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Home / Children's Health

'Children at higher risk of getting Delta variant'

CHILDREN'S HEALTHBy BELDEEN WALIAULA | Tue,Jul 06 2021 09:00:00 EAT
By BELDEEN WALIAULA | Tue,Jul 06 2021 09:00:00 EAT

 

Medical staff from Kisumu hospitals receive the Covid-19 vaccination jab at Jaramogi Oginga Odinga hospital on March 09, 2021.[Denish Ochieng, Standard]

Children and adolescents are vulnerable to the deadly Covid-19 Delta variant ravaging western Kenya.

Unlike most adults, children have not been vaccinated and are at risk of getting severe disease, with the most vulnerable being aged between five and nine.

Covid 19 Time Series

 

According to a study published in the Lancet Journal, 70 per cent of those infected with Covid-19 had no underlying conditions or comorbidities (more than one condition).

The Delta variant is 60 per cent more transmissible and the study notes that those who were infected suffered double the hospitalisation rates compared to those infected with the Alpha variant. Delta and Alpha are genetic variants of the coronavirus and have been emerging and circulating, reaching more than 100 countries around the world since the Covid-19 pandemic broke out.

The Centers for Diseases Control and Prevention (CDC) has since classified the variants into three forms: Variants of interest (VOI), variants of concern (VOC), and variants of high consequences (VOHC). 

The variants of concern scientifically are named as B.1.1.7 (Alpha), B.1.351 (Beta), B.1.617.2 (Delta), and P.1 (Gamma). These viruses were previously referred to as United Kingdom, South Africa, Indian and Brazilian Variant according to their country of origin. Currently, there is no variant of high consequences listed by WHO.

When a variant becomes frequent and displays worrying traits, public health authorities initiate a formal investigation, designating it as a variant under investigation (VUI). If found to be more transmissive, more resistant to antibodies, or to cause severe disease, then it is designated a variant of concern - for which there is evidence of an increase in transmissibility, more severe disease like increased hospitalisations or deaths.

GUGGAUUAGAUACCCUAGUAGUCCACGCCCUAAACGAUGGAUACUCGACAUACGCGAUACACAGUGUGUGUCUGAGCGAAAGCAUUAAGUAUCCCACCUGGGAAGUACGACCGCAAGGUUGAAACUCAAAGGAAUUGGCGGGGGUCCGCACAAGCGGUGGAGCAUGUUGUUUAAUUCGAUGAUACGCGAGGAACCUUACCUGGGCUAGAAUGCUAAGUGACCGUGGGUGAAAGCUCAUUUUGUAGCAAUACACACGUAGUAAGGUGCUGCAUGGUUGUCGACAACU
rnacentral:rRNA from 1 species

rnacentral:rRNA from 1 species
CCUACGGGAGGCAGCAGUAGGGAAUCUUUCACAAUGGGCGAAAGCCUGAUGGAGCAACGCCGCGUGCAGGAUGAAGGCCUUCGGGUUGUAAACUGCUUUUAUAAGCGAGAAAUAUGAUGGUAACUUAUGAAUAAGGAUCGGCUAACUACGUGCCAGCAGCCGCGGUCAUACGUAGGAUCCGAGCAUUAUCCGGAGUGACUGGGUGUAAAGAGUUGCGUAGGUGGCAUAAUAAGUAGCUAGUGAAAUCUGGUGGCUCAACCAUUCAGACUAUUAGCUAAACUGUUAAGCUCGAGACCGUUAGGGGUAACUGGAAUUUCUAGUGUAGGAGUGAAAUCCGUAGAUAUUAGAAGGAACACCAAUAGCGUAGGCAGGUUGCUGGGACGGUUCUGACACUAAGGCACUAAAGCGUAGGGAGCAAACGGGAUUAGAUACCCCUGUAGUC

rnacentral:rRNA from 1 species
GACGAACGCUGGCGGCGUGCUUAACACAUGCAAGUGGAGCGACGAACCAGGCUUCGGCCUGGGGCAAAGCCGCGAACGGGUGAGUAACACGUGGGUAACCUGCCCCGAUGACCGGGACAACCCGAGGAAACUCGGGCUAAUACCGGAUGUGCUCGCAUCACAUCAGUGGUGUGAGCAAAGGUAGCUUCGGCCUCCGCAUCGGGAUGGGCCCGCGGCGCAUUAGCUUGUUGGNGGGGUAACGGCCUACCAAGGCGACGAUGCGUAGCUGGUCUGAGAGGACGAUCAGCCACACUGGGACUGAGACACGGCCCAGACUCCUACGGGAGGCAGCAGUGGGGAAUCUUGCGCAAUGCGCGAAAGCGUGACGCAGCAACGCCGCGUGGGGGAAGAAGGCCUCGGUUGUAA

Variants of concern - like the Delta variant - also sees significant reduction in neutralisation by antibodies generated during previous infection or vaccination, reduced effectiveness of treatments, or vaccines, or diagnostic detection failures and are 50 per cent more transmissible than any other variant.

Viruses also constantly change through mutation differentiating them from other variants in circulation; and coronavirus which causes Covid-19 is no different, and according to WHO, a mutant becomes a variant of concern when it has a clinical or public health significance that affects its spread, severity, effectiveness and testing. Sometimes new variants emerge and disappear.

WHO Director Tedros Adhanom in July termed the Delta variant dangerous and requires constant evaluation and careful adjustment of the public health response.

“Public health and social measures such as strong surveillance, strategic testing, early case detection, isolation and clinical care remain critical as well as masking, physical distance, avoiding crowded places, and keeping indoor areas well ventilated,” he said.

Already, the fourth wave expected in Kenya has been attributed to the Delta variant which was first detected in Kisumu.

President Uhuru Kenyatta termed taming Covid-19 as a “containment see-saw” saying when the infections decline in one part of the country, another one experiences a spike.

With 1.4 million people vaccinated so far, Kenya has a long way to go to cover the 50 million population, half of them young people aged below 30.

The number of the vaccinated is 1.77 per cent of the adult population which is not enough to muster herd immunity, yet Delta variant is more contagious and spreads rapidly among unvaccinated populations, and it’s transmissible across all age groups.

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